The Word made Flesh on the Hill of Calvary. A reflection for Good Friday.   

Jesus, God’s suffering servant, was there. “They crucified Him.” 

Jesus, the man of prayer, was there. “Father, forgive them.” 

Jesus, the merciful was there, “They do not know what they are doing.” 

Jesus, the friend of sinners, was there. “Two robbers were crucified with Him.” 

Jesus, the rejected King, was there. “This is Jesus, the king of the Jews.” 

Jesus, the kind man, was there. “Lord, remember me when you come into your kingdom.” 

Jesus, the man, was there. “I am thirsty.” 

Jesus, the son of Mary, was there. “Mother, behold your son.” 

Jesus, the Son of God, was there. “Father, into your hands I commend my spirit.” 

Jesus, the ransom for our sins, was there. “My God, my God, why have you forsaken me ?” 

Jesus, the perfect Saviour, was there. “It is finished.” 

Jesus, the victor over death was there. “Today, you will be with me in paradise.” 

Jesus, the judge of all, was NOT there. NO word of condemnation.  


A reflection for Holy Saturday. The Easter Vigil and first Mass of Easter.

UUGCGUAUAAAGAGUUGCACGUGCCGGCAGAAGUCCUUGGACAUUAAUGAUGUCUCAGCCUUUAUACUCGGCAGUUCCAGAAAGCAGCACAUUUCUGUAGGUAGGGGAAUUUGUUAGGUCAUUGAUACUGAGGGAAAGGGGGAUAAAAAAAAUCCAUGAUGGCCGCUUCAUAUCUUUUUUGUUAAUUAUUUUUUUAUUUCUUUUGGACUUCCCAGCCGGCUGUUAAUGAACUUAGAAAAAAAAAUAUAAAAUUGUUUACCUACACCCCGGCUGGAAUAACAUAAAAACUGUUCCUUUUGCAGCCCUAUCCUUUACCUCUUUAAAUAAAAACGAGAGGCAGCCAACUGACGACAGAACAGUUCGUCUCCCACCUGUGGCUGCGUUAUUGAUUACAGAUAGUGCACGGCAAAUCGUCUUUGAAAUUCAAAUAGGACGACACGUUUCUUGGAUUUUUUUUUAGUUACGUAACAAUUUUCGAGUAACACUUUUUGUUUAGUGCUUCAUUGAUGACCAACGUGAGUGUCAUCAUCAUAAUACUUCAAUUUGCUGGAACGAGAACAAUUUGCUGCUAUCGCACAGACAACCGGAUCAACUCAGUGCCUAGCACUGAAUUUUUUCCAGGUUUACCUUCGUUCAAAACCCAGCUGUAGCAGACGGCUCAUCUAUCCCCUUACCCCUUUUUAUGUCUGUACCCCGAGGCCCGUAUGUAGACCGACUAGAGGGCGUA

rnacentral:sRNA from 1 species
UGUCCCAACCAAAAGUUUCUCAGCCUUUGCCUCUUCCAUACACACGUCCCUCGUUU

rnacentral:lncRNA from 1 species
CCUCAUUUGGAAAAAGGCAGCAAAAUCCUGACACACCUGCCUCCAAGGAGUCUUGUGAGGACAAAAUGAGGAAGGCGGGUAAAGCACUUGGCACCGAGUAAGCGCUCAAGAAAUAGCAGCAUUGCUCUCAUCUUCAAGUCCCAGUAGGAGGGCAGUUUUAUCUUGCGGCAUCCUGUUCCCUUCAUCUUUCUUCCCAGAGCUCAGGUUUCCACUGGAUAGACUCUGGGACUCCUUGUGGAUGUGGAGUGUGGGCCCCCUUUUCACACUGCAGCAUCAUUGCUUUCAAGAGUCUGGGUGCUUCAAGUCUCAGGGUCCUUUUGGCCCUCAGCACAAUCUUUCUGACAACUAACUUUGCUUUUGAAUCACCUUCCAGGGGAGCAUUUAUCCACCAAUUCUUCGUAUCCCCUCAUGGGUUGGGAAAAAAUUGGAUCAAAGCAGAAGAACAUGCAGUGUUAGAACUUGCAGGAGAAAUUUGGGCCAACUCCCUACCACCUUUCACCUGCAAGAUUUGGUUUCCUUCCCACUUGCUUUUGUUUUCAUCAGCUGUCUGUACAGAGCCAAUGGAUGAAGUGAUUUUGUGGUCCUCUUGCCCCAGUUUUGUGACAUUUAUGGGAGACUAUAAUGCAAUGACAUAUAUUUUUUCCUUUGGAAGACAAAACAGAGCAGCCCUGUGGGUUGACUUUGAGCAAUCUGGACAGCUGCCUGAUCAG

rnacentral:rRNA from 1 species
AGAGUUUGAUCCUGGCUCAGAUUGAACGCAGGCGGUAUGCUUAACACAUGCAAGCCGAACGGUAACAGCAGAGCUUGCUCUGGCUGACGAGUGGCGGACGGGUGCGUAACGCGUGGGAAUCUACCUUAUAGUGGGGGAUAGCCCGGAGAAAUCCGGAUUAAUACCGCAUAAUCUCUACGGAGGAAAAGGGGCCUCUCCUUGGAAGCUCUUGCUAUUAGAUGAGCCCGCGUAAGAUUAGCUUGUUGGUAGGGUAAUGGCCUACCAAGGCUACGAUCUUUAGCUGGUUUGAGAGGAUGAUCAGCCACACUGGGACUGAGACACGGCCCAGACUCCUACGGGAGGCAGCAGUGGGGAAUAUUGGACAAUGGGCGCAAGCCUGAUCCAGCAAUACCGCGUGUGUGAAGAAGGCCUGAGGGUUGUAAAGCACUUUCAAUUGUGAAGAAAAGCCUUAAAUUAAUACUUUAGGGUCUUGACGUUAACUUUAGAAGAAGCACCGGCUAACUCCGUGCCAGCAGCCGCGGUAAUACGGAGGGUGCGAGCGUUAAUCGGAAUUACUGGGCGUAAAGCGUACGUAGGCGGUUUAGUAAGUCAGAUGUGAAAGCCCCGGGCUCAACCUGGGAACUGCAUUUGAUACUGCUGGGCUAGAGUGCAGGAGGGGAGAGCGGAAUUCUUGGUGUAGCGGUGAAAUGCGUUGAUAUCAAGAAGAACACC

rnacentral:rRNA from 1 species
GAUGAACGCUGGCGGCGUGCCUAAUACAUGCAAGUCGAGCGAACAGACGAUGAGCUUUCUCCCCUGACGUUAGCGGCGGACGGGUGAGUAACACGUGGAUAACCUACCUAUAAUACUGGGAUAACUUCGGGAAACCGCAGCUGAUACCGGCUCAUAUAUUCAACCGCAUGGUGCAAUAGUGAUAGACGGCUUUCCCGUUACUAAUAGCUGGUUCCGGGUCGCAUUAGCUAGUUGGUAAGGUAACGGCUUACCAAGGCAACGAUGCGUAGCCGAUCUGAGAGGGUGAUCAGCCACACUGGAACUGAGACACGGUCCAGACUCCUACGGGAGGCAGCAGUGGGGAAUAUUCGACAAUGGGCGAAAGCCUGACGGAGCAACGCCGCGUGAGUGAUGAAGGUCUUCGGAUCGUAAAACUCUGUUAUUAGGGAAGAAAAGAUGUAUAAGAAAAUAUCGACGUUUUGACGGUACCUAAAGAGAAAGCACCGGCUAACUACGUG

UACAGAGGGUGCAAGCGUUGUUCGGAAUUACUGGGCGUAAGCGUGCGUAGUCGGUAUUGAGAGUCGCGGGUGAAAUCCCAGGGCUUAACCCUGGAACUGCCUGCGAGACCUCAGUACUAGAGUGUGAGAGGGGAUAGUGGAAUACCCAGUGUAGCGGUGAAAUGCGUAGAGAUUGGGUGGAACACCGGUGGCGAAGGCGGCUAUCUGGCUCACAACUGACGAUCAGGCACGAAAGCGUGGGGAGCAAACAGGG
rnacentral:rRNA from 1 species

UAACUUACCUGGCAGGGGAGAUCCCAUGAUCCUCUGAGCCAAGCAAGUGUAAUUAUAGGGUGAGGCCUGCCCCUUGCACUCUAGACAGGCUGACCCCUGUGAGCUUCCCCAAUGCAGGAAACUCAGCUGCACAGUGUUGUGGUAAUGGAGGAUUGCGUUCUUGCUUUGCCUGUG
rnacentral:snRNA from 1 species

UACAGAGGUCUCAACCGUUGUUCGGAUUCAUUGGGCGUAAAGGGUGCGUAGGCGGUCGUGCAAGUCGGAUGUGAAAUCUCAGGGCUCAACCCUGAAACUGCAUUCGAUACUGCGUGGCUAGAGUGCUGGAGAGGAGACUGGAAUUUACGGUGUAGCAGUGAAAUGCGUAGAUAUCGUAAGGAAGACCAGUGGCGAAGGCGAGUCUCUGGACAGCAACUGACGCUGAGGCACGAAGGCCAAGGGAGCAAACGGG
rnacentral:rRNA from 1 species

The following reflection was written by a commissioned Lay Minister within a different Faith tradition to that of Catholicism. The author was very much a daughter of the Word and for the majority of her life followed a Faith in which Sacred Scripture was primary, and the celebration of any form of Sacrament secondary. However, like Nicodemus in the Gospel of St. John, steeped in her own tradition, an inner thirst and hunger to grow to know Almighty God better drew her to attending a celebration of the Liturgy of Holy Saturday night in 1987. This experience together with a great eye for detail and a surprising awareness of the symbolism of the Liturgy, given her background, inspired her to write these words:-          

Beloved in Christ ! For the rest of your life you will remember tonight. Its solemnity, its majesty, is richness and its beauty will remain stamped indelibly on your hearts.